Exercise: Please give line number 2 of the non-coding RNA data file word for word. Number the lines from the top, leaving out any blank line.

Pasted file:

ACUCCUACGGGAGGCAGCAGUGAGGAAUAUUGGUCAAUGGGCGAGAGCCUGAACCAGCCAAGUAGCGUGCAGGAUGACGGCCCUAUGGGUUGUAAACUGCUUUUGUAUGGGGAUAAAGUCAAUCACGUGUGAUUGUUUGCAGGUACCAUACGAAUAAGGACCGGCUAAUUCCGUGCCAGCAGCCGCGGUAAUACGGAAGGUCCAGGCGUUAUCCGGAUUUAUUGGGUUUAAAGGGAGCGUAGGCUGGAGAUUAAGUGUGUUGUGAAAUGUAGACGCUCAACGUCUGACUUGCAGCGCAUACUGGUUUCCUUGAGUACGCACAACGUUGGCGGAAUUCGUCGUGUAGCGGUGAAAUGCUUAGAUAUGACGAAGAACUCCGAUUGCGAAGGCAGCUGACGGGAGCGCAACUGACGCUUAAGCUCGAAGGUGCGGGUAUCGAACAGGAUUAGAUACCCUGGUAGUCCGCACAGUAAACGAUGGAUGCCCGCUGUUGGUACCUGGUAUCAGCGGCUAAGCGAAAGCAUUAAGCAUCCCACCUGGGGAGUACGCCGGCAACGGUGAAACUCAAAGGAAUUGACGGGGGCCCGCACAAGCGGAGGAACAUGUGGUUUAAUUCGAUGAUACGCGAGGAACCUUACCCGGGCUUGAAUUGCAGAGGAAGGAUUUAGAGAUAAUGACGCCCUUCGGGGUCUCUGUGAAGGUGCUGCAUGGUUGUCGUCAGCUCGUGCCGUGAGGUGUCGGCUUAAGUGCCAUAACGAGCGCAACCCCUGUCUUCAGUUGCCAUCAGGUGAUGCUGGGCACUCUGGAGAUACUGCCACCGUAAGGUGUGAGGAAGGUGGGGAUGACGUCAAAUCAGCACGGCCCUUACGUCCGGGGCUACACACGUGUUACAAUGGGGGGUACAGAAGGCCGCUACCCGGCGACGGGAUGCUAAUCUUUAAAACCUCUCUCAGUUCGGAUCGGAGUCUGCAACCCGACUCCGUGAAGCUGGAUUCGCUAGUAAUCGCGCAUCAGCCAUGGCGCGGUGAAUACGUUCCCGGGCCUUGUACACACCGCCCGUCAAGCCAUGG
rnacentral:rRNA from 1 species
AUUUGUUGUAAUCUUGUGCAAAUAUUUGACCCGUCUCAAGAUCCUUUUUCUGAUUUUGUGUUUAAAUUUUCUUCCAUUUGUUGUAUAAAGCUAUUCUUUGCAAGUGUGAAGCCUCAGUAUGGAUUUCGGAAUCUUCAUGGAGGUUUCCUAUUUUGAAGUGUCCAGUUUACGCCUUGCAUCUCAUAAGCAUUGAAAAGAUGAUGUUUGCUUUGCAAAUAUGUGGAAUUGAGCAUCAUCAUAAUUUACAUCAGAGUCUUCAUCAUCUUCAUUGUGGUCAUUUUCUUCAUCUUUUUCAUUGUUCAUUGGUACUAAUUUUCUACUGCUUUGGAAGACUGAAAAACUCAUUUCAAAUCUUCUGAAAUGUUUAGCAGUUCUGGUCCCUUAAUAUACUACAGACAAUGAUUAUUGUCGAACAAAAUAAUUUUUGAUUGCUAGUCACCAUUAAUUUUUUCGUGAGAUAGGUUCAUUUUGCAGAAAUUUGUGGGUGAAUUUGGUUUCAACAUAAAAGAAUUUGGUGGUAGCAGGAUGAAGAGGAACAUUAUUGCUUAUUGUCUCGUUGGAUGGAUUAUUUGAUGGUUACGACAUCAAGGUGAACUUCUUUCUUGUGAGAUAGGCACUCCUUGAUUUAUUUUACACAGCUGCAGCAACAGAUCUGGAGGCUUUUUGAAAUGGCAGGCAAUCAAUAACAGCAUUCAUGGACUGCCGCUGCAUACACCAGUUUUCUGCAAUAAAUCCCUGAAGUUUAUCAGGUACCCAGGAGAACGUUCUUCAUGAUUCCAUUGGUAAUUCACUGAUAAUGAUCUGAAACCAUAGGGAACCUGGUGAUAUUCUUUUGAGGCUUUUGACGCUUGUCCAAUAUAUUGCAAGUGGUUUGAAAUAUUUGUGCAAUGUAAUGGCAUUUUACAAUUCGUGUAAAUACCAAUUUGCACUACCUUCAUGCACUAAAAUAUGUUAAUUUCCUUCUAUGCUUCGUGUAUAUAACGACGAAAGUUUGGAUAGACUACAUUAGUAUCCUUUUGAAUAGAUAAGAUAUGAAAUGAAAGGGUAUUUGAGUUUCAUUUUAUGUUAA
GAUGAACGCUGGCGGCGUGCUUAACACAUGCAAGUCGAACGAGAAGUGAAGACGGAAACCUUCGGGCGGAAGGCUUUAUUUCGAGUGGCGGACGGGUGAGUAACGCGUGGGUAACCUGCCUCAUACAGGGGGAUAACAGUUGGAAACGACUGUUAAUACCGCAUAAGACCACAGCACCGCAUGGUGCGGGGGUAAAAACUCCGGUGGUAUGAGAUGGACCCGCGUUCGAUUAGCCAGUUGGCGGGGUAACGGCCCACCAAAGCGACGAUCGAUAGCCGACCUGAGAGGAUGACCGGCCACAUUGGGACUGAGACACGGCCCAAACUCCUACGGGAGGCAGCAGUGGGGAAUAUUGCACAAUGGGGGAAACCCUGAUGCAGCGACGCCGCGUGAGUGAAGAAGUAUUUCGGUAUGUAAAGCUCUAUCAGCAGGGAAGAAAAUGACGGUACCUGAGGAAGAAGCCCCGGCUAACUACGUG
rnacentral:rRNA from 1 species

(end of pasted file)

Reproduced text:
rnacentral:rRNA from 1 species